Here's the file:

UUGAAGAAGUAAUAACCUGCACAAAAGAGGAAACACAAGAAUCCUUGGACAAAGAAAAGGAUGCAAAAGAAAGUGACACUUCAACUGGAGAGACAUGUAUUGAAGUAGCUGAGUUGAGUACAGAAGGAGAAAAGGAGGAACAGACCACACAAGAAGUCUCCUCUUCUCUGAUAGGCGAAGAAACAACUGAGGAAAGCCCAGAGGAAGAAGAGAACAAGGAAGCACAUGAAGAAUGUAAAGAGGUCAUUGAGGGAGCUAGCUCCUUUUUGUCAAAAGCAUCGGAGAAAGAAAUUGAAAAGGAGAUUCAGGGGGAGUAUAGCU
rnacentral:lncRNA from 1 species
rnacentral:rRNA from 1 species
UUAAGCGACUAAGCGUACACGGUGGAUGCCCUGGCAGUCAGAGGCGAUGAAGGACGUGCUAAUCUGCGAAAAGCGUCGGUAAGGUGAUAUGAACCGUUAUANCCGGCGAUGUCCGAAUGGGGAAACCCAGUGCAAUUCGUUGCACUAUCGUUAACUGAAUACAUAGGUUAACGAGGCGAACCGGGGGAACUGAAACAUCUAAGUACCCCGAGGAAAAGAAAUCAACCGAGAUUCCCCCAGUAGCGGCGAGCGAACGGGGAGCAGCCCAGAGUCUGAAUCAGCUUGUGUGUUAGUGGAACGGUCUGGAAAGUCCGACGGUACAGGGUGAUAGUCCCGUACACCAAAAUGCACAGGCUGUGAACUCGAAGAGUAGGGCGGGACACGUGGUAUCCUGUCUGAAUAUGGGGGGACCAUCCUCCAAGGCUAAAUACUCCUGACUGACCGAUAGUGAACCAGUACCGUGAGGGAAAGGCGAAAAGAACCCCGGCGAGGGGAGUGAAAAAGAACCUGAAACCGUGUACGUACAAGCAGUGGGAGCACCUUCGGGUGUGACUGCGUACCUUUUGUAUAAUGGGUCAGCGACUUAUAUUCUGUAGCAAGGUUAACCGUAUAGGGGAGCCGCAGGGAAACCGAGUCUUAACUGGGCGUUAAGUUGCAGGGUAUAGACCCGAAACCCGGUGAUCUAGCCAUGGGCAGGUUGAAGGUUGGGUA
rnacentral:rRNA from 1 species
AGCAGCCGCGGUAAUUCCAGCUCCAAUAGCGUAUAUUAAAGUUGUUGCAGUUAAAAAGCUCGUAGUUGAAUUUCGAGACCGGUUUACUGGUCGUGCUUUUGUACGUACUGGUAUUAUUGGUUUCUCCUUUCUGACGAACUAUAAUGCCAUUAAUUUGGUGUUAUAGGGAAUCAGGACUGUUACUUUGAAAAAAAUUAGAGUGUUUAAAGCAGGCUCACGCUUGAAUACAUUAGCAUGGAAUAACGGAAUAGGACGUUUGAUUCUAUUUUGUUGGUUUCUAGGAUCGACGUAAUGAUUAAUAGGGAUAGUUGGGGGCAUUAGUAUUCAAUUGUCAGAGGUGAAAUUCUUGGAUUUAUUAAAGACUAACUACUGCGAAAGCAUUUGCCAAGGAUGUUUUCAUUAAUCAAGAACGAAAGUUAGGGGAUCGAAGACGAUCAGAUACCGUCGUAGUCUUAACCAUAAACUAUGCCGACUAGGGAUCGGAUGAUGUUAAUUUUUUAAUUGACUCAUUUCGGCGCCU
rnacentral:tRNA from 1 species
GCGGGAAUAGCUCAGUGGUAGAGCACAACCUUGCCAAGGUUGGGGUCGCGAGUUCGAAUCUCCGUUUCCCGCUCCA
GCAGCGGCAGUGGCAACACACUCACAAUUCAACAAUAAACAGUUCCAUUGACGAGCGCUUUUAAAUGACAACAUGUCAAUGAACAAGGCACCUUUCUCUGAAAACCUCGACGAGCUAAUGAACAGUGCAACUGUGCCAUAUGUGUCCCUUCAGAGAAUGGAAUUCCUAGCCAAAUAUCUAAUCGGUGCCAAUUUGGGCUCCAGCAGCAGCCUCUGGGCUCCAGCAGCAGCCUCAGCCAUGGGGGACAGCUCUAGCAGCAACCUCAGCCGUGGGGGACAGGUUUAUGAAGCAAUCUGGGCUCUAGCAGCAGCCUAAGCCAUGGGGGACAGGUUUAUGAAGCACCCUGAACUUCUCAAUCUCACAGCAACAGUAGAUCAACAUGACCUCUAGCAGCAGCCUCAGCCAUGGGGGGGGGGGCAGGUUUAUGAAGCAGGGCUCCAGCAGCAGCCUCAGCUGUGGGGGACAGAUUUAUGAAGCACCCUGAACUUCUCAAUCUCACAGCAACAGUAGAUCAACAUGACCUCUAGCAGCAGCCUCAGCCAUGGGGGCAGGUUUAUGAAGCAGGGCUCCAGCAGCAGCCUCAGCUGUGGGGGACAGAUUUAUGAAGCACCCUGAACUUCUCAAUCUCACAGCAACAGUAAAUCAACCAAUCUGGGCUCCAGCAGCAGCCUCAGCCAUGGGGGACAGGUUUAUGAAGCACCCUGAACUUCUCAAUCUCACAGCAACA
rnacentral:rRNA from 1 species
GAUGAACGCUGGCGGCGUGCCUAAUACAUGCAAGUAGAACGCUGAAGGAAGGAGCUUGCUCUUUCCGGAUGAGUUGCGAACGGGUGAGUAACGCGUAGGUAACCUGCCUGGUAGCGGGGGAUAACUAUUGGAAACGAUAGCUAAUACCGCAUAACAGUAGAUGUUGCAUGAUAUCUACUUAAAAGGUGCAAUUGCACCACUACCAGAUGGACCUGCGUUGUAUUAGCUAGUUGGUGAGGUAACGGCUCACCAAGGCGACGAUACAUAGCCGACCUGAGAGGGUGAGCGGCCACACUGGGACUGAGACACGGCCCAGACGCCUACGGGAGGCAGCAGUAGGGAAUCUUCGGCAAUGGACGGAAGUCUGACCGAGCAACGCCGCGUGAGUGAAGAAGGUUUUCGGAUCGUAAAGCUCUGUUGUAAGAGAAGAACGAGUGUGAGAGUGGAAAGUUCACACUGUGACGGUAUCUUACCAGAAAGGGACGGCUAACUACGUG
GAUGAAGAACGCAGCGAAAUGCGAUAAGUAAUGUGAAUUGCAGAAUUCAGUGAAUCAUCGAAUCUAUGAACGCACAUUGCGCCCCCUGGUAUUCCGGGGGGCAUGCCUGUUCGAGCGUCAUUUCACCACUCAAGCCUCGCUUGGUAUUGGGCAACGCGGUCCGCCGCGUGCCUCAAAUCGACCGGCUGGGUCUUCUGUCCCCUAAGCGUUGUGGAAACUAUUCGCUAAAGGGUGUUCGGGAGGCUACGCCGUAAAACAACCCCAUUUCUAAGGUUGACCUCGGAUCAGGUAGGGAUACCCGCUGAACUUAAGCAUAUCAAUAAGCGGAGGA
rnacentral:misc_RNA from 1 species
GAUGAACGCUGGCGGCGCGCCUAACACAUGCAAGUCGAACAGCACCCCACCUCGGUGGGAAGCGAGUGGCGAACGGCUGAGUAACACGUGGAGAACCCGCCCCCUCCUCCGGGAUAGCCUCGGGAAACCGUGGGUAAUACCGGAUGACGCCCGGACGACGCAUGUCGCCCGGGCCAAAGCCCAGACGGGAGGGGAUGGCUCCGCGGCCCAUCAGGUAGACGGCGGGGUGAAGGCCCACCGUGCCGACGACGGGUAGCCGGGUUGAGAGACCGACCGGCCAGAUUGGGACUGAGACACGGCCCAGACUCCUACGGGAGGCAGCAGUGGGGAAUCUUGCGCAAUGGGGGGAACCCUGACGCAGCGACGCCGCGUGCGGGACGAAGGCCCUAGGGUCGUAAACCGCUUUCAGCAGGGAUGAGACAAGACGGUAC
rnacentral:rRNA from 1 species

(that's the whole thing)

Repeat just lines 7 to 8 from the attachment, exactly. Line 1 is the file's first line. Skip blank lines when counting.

rnacentral:tRNA from 1 species
GCGGGAAUAGCUCAGUGGUAGAGCACAACCUUGCCAAGGUUGGGGUCGCGAGUUCGAAUCUCCGUUUCCCGCUCCA